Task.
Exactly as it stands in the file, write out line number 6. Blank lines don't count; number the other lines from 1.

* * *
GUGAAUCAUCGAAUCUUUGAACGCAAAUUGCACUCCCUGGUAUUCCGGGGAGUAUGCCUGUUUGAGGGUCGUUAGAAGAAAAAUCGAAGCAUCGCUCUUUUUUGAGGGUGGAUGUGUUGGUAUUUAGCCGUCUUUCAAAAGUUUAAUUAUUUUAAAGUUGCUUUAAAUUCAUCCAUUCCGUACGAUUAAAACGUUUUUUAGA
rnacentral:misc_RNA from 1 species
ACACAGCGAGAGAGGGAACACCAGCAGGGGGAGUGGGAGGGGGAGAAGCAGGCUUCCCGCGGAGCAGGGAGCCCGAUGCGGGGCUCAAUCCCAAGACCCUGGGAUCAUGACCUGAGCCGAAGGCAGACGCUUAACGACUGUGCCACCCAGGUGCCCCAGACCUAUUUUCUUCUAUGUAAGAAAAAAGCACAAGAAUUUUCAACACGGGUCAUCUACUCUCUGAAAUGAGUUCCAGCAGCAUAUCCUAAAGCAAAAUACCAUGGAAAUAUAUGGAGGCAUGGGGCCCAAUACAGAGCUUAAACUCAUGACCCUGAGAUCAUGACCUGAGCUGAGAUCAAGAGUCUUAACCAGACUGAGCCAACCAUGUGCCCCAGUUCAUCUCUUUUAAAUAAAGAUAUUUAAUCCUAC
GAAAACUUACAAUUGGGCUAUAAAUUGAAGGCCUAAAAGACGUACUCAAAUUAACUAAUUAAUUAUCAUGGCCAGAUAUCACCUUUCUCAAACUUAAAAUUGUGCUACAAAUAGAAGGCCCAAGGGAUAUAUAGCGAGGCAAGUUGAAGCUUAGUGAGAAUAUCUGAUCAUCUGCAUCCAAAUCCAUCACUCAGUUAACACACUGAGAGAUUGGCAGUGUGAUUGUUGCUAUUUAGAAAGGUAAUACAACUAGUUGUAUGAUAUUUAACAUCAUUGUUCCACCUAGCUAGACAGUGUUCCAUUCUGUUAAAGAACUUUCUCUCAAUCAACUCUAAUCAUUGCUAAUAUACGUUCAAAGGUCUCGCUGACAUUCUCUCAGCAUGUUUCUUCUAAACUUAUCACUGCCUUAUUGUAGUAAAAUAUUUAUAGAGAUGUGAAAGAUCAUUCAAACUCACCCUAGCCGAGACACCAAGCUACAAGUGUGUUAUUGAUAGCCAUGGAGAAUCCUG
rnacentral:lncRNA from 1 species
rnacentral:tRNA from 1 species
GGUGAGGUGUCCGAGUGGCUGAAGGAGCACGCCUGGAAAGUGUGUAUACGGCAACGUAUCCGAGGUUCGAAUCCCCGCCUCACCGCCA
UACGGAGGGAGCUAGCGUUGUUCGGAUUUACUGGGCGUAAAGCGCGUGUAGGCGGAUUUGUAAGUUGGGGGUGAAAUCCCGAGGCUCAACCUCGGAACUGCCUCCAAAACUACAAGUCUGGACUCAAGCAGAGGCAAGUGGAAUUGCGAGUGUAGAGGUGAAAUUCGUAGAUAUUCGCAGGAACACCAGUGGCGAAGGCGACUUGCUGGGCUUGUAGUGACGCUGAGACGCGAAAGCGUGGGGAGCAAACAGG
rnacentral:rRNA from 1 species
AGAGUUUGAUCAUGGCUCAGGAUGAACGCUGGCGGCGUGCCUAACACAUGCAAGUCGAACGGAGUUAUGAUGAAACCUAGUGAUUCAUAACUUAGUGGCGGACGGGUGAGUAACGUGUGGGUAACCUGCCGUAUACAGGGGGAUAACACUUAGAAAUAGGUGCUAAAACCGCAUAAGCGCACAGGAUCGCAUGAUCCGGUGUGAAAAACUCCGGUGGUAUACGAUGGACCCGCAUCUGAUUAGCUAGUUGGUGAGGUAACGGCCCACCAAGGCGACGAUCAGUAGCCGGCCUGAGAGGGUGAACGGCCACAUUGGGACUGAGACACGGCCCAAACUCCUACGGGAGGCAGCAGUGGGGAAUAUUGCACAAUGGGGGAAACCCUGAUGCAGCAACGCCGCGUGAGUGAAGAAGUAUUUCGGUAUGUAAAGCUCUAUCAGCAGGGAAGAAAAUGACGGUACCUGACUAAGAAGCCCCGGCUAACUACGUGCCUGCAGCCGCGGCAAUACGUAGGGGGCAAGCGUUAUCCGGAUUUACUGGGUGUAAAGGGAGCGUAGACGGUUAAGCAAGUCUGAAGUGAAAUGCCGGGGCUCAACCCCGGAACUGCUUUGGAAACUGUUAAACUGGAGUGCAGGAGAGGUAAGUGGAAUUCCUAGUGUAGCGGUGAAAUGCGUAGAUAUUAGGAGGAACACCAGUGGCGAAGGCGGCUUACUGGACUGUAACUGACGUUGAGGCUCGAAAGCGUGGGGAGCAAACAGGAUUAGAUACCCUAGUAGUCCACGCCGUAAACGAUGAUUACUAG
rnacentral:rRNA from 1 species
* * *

rnacentral:tRNA from 1 species